The Western Daily Press is reporting on the story of Nicole Barr, a student at Burnt Mill Academy in Harlow, Essex, England, who achieved the maximum score possible for a youth on the test which she took early last week.
“When I found out I got such a high score, it was so unexpected. I was shocked,” said Barr, who wants to become a doctor.
“I remember when I was in primary school and I was an angel in a school play, another girl who was playing the other angel didn’t turn up so I learnt her lines too.”
Her teachers say she is already several years ahead of her peers and was able to tackle complex algebra before the age of ten.
Helena Mills, head of the district that includes Burnt Mill Academy called Nicole a brilliant, hardworking pupil.
“She works incredibly hard and has thrown herself into many different activities in her first year with us,” Mills said. “”For example she has been camping, entered writing competitions and taken part in a national maths challenge. She lives and breathes our unofficial motto of hard work pays.”
The talented young girl has become the talk of the gypsy community where she was raised. Also known as Travelers, members of these communities live mostly in Ireland and the UK and are predominantly Roman Catholic. They tend to live and travel in caravans, hence the name “Traveler”. Made popular by the TLC hit series, My Big Fat Gypsy Wedding, travelers tend to marry young and raise big families.
At present, one of the largest traveling communities in America is living just outside North Augusta, South Carolina.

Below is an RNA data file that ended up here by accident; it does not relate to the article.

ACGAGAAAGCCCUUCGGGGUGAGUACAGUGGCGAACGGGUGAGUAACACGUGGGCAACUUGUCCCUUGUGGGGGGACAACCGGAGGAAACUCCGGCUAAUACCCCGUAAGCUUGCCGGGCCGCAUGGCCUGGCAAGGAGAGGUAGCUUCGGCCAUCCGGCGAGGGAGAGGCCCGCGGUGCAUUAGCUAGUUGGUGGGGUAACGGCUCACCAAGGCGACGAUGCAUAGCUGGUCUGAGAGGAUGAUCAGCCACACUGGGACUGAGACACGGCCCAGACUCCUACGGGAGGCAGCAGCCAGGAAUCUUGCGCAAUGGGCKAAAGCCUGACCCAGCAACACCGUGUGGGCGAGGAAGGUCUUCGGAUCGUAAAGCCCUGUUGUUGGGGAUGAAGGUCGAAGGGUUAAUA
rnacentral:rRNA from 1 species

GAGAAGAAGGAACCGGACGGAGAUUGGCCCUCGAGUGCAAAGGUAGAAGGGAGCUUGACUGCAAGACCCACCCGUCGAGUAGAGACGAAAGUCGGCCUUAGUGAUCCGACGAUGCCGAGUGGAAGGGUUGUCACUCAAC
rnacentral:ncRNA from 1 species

This is the heritage from which Barr hails. Her father, James, is a 36 year-old gutter cleaner and driveway repairman who is understandably thrilled with his daughter’s accomplishment.
“The story has been going around the gypsy community, particularly on Facebook where it keeps being shared. It’s nice for us to be in the news for something good for a change. This shows that it doesn’t matter where you come from, anyone can be academically brilliant.”
Nicole is now a member of yet another exclusive community – Mensa International – which is comprised of people with exceptionally high IQs.
Of the 110,000 members of Mensa worldwide, only 35 percent are female, and just eight percent are under the age of 16.
Mensa Spokeswoman Ann Clarkson told the Daily that “Nicole’s IQ puts her comfortably within the top one percent of the population. Only children can get a score higher than 161, because that is the maximum IQ score for an adult. The test is age adjusted for children.”
She added: “While a score of 162 isn’t exactly unknown, it is still quite rare.”
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